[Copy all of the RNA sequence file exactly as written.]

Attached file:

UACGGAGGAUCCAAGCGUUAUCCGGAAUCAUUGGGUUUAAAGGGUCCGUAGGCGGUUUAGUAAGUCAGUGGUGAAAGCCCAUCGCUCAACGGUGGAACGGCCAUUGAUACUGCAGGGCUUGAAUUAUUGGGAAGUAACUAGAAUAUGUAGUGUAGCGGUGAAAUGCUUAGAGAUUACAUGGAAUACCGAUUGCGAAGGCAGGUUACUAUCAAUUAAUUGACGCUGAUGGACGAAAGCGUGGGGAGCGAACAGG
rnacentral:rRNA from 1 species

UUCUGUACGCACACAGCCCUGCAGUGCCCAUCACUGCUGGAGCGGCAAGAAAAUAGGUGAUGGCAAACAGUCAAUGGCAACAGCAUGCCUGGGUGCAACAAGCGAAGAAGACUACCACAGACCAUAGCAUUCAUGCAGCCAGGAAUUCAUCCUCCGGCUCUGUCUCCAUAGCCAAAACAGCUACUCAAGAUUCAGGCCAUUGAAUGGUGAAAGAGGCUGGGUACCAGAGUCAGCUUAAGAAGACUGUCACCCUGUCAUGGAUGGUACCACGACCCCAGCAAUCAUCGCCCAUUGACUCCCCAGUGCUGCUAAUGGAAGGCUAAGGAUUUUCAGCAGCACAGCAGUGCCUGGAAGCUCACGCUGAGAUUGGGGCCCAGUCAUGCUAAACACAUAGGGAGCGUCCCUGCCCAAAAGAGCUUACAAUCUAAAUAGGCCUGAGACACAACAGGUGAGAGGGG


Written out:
UACGGAGGAUCCAAGCGUUAUCCGGAAUCAUUGGGUUUAAAGGGUCCGUAGGCGGUUUAGUAAGUCAGUGGUGAAAGCCCAUCGCUCAACGGUGGAACGGCCAUUGAUACUGCAGGGCUUGAAUUAUUGGGAAGUAACUAGAAUAUGUAGUGUAGCGGUGAAAUGCUUAGAGAUUACAUGGAAUACCGAUUGCGAAGGCAGGUUACUAUCAAUUAAUUGACGCUGAUGGACGAAAGCGUGGGGAGCGAACAGG
rnacentral:rRNA from 1 species

UUCUGUACGCACACAGCCCUGCAGUGCCCAUCACUGCUGGAGCGGCAAGAAAAUAGGUGAUGGCAAACAGUCAAUGGCAACAGCAUGCCUGGGUGCAACAAGCGAAGAAGACUACCACAGACCAUAGCAUUCAUGCAGCCAGGAAUUCAUCCUCCGGCUCUGUCUCCAUAGCCAAAACAGCUACUCAAGAUUCAGGCCAUUGAAUGGUGAAAGAGGCUGGGUACCAGAGUCAGCUUAAGAAGACUGUCACCCUGUCAUGGAUGGUACCACGACCCCAGCAAUCAUCGCCCAUUGACUCCCCAGUGCUGCUAAUGGAAGGCUAAGGAUUUUCAGCAGCACAGCAGUGCCUGGAAGCUCACGCUGAGAUUGGGGCCCAGUCAUGCUAAACACAUAGGGAGCGUCCCUGCCCAAAAGAGCUUACAAUCUAAAUAGGCCUGAGACACAACAGGUGAGAGGGG